Mars Orbiter Launch Delayed Until Friday

Aug 11, 2005

Today's launch of the Mars Reconnaissance Orbiter has been postponed due to a fuel level sensor issue with the Centaur upper stage aboard the Atlas V rocket.

While loading liquid hydrogen into the Centaur, fuel level sensors inside the stage sent back erroneous readings. At this time engineers are determining whether the problem is with the sensor system or the computer software used with it. The next launch attempt is currently slated to take place in approximately 24 hours.

The spacecraft will examine Martian features ranging from the top of the atmosphere to underground layering. Researchers will use it to study the history and distribution of Martian water. It will also support future Mars missions by characterizing landing sites and providing a high-data-rate communications relay.

"Mars Reconnaissance Orbiter is the next step in our ambitious exploration of Mars," said NASA's director, Mars Exploration Program, Science Mission Directorate, Douglas McCuistion. "We expect to use this spacecraft's eyes in the sky in coming years as our primary tools to identify and evaluate the best places for future missions to land."

Find more about Mars Reconnaissance Orbiter launch at phys.org/news5720.html

Explore further: Asteroid named for University of Utah makes public debut

add to favorites email to friend print save as pdf

Related Stories

Indian spacecraft on course to enter Mars orbit (Update)

11 hours ago

India will soon know if its first interplanetary mission will achieve its goal, when a spacecraft built with homegrown technology for a remarkably low price tag of $75 million begins its final maneuvers into ...

Scientific instruments of Rosetta's Philae lander

8 hours ago

When traveling to far off lands, one packs carefully. What you carry must be comprehensive but not so much that it is a burden. And once you arrive, you must be prepared to do something extraordinary to make ...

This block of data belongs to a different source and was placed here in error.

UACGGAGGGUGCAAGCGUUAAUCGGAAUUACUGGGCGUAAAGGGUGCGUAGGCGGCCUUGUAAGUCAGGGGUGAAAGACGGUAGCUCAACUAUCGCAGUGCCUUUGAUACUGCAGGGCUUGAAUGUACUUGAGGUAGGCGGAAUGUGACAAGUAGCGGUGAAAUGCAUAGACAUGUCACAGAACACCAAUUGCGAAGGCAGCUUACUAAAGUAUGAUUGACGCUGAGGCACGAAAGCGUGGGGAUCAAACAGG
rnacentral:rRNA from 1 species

Getting to the root of the problem in space

6 hours ago

When we go to Mars, will astronauts be able to grow enough food there to maintain a healthy diet? Will they be able to produce food in NASA's Orion spacecraft on the year-long trip to Mars? How about growing ...

Internet moguls Musk, Bezos shake up US space race

Sep 20, 2014

The space race to end America's reliance on Russia escalated this week with a multibillion dollar NASA award for SpaceX's Elon Musk and an unexpected joint venture for Blue Origin's Jeff Bezos.

Recommended for you

The difference between CMEs and solar flares

8 hours ago

This is a question we are often asked: what is the difference between a coronal mass ejection (CME) and a solar flare? We discussed it in a recent astrophoto post, but today NASA put out a video with amazing graphics that explain ...

Image: NGC 6872 in the constellation of Pavo

9 hours ago

This picture, taken by the NASA/ESA Hubble Space Telescope's Wide Field Planetary Camera 2 (WFPC2), shows a galaxy known as NGC 6872 in the constellation of Pavo (The Peacock). Its unusual shape is caused ...

Measuring the proper motion of a galaxy

10 hours ago

The motion of a star relative to us can be determined by measuring two quantities, radial motion and proper motion. Radial motion is the motion of a star along our line of sight. That is, motion directly ...

User comments : 0